Attrition: Air Force Recruits Retirees


January 28, 2010:  The U.S. Air Force is spending $60 million to entice 500 officers out of retirement, and back to active duty. It's the second time they've done this in the last decade, and the reason is the same; a shortage of critical skills. While the air force has no trouble (even before the recession) getting the new recruits it needs, and keeping existing people in uniform, there are always some areas where demand is high, and there are not enough qualified people. In this case, it's a need for aircrew, especially pilots, for transports and AWACs. The air force got 1,129 applicants for the 500 jobs, so they were able to be choosy.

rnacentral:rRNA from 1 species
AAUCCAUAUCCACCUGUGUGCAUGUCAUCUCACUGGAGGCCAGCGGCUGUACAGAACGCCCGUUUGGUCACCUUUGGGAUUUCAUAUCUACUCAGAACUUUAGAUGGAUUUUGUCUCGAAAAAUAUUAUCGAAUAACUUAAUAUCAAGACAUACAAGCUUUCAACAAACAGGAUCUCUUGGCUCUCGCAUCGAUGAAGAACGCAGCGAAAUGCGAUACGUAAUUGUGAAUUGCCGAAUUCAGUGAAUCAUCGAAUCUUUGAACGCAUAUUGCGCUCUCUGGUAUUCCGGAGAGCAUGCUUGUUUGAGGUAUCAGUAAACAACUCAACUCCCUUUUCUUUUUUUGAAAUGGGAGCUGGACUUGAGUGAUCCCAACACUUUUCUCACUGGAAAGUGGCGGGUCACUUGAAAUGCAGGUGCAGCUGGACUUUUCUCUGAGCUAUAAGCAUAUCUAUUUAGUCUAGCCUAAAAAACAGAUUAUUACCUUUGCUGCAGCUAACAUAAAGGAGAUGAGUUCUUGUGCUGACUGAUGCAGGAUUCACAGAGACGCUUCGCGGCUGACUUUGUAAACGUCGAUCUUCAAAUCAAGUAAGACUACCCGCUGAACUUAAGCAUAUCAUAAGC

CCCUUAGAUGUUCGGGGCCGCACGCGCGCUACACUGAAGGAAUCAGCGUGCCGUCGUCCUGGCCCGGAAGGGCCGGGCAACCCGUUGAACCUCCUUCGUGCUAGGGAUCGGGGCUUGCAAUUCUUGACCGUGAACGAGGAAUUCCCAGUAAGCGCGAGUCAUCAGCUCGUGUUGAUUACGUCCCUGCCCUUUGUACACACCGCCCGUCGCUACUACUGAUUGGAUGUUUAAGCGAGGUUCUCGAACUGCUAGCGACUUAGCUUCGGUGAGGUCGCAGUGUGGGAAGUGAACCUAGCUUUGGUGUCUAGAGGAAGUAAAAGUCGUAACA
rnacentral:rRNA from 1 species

The army has also sought retired officers to return to duty. Since most officers retire after 20-30 years of service, and can serve on active duty until 60, there are always plenty of potential candidates. Medical and physical fitness issues are the most common obstacle for those wanting to return to active service for 2-4 years. But most retired officers are in good shape.


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